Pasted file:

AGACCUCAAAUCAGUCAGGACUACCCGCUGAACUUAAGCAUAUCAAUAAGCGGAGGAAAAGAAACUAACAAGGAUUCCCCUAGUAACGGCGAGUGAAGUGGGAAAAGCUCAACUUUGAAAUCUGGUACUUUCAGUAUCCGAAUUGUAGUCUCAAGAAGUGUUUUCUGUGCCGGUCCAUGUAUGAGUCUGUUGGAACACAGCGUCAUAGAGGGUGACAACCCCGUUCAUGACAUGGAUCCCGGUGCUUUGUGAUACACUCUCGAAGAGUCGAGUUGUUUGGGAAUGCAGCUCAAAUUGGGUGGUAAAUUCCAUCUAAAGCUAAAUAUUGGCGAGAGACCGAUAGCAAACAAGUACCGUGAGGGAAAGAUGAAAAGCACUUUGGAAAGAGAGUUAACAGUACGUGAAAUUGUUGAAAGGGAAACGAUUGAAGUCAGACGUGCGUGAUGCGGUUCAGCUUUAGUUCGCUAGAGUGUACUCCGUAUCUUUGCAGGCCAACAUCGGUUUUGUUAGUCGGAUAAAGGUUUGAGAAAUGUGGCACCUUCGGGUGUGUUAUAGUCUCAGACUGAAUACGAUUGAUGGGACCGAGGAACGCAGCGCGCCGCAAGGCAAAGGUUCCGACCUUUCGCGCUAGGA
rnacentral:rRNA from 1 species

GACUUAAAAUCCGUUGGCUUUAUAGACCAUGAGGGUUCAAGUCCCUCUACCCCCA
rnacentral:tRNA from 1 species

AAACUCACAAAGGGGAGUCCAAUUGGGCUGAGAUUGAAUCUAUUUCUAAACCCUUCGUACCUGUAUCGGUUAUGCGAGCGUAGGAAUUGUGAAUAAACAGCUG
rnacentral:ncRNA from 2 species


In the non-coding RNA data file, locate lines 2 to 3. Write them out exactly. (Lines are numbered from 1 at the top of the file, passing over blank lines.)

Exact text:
rnacentral:rRNA from 1 species

GACUUAAAAUCCGUUGGCUUUAUAGACCAUGAGGGUUCAAGUCCCUCUACCCCCA